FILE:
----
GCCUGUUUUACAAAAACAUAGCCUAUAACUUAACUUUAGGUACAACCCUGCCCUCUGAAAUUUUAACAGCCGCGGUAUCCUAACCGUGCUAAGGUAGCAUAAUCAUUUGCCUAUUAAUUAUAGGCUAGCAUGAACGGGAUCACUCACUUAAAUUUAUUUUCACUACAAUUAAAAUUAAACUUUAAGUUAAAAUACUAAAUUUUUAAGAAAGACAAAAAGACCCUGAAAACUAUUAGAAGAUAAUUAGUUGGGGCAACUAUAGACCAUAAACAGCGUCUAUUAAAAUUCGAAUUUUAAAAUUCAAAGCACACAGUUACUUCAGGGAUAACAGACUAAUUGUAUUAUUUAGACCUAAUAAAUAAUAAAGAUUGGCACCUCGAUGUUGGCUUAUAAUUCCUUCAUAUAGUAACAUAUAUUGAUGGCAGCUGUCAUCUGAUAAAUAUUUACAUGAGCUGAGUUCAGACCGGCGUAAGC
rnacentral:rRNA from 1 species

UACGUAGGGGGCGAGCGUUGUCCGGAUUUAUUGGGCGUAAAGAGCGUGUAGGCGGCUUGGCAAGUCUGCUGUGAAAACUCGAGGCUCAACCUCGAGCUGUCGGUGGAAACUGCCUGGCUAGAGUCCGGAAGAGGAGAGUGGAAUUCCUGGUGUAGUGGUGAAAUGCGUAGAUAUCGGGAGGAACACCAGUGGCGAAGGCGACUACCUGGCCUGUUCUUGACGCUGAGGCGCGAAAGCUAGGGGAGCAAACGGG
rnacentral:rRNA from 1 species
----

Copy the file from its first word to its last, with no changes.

GCCUGUUUUACAAAAACAUAGCCUAUAACUUAACUUUAGGUACAACCCUGCCCUCUGAAAUUUUAACAGCCGCGGUAUCCUAACCGUGCUAAGGUAGCAUAAUCAUUUGCCUAUUAAUUAUAGGCUAGCAUGAACGGGAUCACUCACUUAAAUUUAUUUUCACUACAAUUAAAAUUAAACUUUAAGUUAAAAUACUAAAUUUUUAAGAAAGACAAAAAGACCCUGAAAACUAUUAGAAGAUAAUUAGUUGGGGCAACUAUAGACCAUAAACAGCGUCUAUUAAAAUUCGAAUUUUAAAAUUCAAAGCACACAGUUACUUCAGGGAUAACAGACUAAUUGUAUUAUUUAGACCUAAUAAAUAAUAAAGAUUGGCACCUCGAUGUUGGCUUAUAAUUCCUUCAUAUAGUAACAUAUAUUGAUGGCAGCUGUCAUCUGAUAAAUAUUUACAUGAGCUGAGUUCAGACCGGCGUAAGC
rnacentral:rRNA from 1 species

UACGUAGGGGGCGAGCGUUGUCCGGAUUUAUUGGGCGUAAAGAGCGUGUAGGCGGCUUGGCAAGUCUGCUGUGAAAACUCGAGGCUCAACCUCGAGCUGUCGGUGGAAACUGCCUGGCUAGAGUCCGGAAGAGGAGAGUGGAAUUCCUGGUGUAGUGGUGAAAUGCGUAGAUAUCGGGAGGAACACCAGUGGCGAAGGCGACUACCUGGCCUGUUCUUGACGCUGAGGCGCGAAAGCUAGGGGAGCAAACGGG
rnacentral:rRNA from 1 species